The Manila Central Post Office: History, Legacy, and the Future - Pinoy Builders

The Manila Central Post Office: History, Legacy, and the Future

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Stood mighty as one of the most iconic landmarks in the country, the Manila Post Office is a symbol of Filipino resiliency that defied the challenges and issues faced by the Philippines for centuries. The recent fire that occurred in the Manila Post Office may have been unprecedented, but the incident was not completely surprising for most spectators. With an undetermined cause of a fire that has preserved this status for more than a week as of press time, it is still unclear why the Manila Post Office burned down and suffered unrepairable damage after continuously serving the country for more than a hundred years. 

The Manila Post Office has a rich history indeed. Declared an important cultural property (ICP) last 2018, the post office has served as the headquarters of the Philippine Postal Corporation, as well as the main sorting-distribution operation location of parcels in the country. The Manila Post Office’s significance is already deeply rooted in the history of the Philippines. With the most recent devastation it has experienced, it is only right to feel regret for the history that was seemingly erased overnight. However, it is important to remember that the recent fire was not the first event that has attempted to bring the Manila Post Office down. As a symbol of Filipino resiliency, the Manila Post Office has continuously raised itself from the ashes, more glorious than the last. 

Manila Post Office: The Beginning And The Legacy

The first known location of the Manila Post Office was in Escolta, near the Santa Cruz church. – Image from Manila Nostalgia

The first post office infrastructure in the Philippines was erected in 1767 under the administration of Spain, which controlled the post office operations to send out and receive mail from faraway parts of the globe, such as Europe and South America. The Manila Post Office, we know today, is a different building designed by Juan Arellano and Tomas Mapua, in collaboration with Ralph Duane in 1926. The building was constructed under the initiative of the Philippine Commission’s Bureau of Posts, which was overseen by the Philippine government that was operating as a U.S. colony at the time.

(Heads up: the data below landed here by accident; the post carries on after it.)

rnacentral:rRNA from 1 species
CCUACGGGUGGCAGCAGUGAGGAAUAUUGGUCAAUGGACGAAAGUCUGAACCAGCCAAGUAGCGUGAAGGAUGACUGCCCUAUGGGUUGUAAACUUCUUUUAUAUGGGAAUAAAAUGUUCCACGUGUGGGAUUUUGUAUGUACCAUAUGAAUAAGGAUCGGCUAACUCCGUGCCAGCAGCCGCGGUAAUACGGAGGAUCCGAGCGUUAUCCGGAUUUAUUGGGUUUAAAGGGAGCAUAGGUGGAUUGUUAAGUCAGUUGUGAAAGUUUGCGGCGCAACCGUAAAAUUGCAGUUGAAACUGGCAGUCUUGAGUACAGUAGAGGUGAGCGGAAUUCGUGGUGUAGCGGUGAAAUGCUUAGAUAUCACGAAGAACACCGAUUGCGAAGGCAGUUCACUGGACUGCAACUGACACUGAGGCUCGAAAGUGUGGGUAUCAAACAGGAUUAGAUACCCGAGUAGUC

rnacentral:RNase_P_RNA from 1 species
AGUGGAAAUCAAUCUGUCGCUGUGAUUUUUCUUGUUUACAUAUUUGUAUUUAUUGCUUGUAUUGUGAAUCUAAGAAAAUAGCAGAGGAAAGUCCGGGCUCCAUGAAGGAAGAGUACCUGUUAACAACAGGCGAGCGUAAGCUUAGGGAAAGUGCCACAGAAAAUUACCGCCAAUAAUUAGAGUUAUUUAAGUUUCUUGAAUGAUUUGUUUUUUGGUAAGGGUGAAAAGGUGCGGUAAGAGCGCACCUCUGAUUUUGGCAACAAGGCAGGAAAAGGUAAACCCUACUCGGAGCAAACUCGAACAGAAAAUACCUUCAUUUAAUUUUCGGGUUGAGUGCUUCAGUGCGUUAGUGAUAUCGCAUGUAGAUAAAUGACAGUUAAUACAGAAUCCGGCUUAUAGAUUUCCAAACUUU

Post Office view from Jones Bridge taken in 1932. – Image from Manila Nostalgia

The Manila Post Office building was the very first post office established in Manila. Due to its highly efficient, streamlined operations, the original office was once even acknowledged as the leading postal service in the entirety of Southeast Asia in the late 1830s. In its heyday, the office was responsible for more than thousands of ingoing and outgoing mail. Now, the building has served as a national asset that housed many irreplaceable artifacts, historical relics, and the haunting memories of the battle of Manila that also transpired inside the building during World War II.

Manila Post Office before May 2023 fire. – Image from outoftownblog

After World War II and the retaking of Intramuros from the Japanese, the Philippine government took it upon itself to restore the demolished Manila Post Office. In 1946, the building was restored once again, with most of the original design included. The Manila Post Office has been continuing its operations for almost a hundred years as of date. Despite the rapid changes in communication brought by advancements in technology, the Manila Post Office kept its original function as the Philippines’ main sorting and distribution location. 

The Future Of The Manila Post Office

It may have come as a shock to the Filipino public, but the burning and demolition of old, historical buildings in order to open up and utilize its space for a new, and usually commercial, modern building is not as uncommon as one might assume. Many old buildings in Manila are demolished instead of restored, which poses the question of why it’s so common for these historical sites to be removed instead of preserved when they represent so much of our country’s resiliency and history inside their walls.

In a recent interview conducted by CNN Philippines with architect and urban planner Jun Palafox, the hesitation to suggest that the remaining edifice of the Manila Post Office should be reconstructed as a hotel was not even hinted at in the slightest bit.

“I think we should maintain the facade, and then if there is a bigger area of the land, it can be like the Manila Hotel. Maintain the old architecture and maybe, like a taller building behind.”

However, plans to restore the Manila Post Office to its former glory can be expected to be a priority, especially after being declared by the National History Museum as an irreplaceable historical asset in 2018. In an interview with One PH’s ‘Sa Totoo Lang’ on May 22, Manila City Mayor Honey Lacuna addressed the public about the Manila Post Office fire incident and the future of the building. As an official Philippine ICP infrastructure, no new building can replace the iconic Manila Post Office.

“[…under our zoning ordinance,] nothing can be built, nor can we demolish what is built in that area.”

In addition to the protection reserved for the Manila Post Office as an ICP, the Manila City administration also promises to restore the office back to its former glory. With the unbounded support of the National Commission of Culture and Arts and a number of Senate members under the House of Representatives Committee on Creative Industry and Performing Arts, the future of the historical post office is not blown away with the ashes just yet.




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